There is no means of avoiding the final collapse of a boom brought about by credit expansion. The alternative is only whether the crisis should come sooner as the result of voluntary abandonment of further credit expansion, or later as a final and total catastrophe of the currency system involved.
Contrary to most experts, including Bernanke, the more aggressive the Fed's policies are, the worse the economy is going to be. If all that is required to revive the economy is pushing more money, then all third-world economies would be very wealthy by now.
Government spending cannot create additional jobs. If the government provides the funds required by taxing the citizens or by borrowing from the public, it abolishes on the one hand as many jobs as it creates on the other. If government spending is financed by borrowing from the commercial banks, it means credit expansion and inflation.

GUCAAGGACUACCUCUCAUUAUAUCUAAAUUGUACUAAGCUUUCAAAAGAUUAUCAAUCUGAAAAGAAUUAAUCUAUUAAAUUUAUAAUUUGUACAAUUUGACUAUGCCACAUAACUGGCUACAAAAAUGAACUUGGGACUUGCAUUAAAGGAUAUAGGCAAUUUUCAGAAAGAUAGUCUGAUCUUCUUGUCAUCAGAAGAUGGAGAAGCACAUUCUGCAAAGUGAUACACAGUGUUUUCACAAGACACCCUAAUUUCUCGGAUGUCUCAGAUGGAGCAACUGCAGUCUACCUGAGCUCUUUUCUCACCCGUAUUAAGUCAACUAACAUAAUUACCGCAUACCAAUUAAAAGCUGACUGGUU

No very deep knowledge of economics is usually needed for grasping the immediate effects of a measure; but the task of economics is to foretell the remoter effects, and so to allow us to avoid such acts as attempt to remedy a present ill by sowing the seeds of a much greater ill for the future.
How can anyone in his right mind think that our economic sluggishness is due to insufficient deficits and a timid Fed? Plenty do. It is a case of denial of an obvious fact: the entire Keynesian/government approach to stimulus has been a catastrophic failure.
The correct conclusion in my view is that we need to be pre-emptive in avoiding these types of problems in the future. Monetary policy should not be aimed at cleaning up a mess, but leaning against the wind to avoid the mess in the future.
Austria was successful in pushing through policies that are popular all over the world. Austria has the most impressive records in five lines: she increased public expenditures, she increased wages, she increased social benefits, she increased bank credits, she increased consumption. After all these achievements she was on the verge of ruin.
The longer the boom of inflationary bank credit continues, the greater the scope of malinvestments in capital goods, and the greater the need for liquidation of these unsound investments. When the credit expansion stops, reverses, or even significantly slows down, the malinvestments are revealed.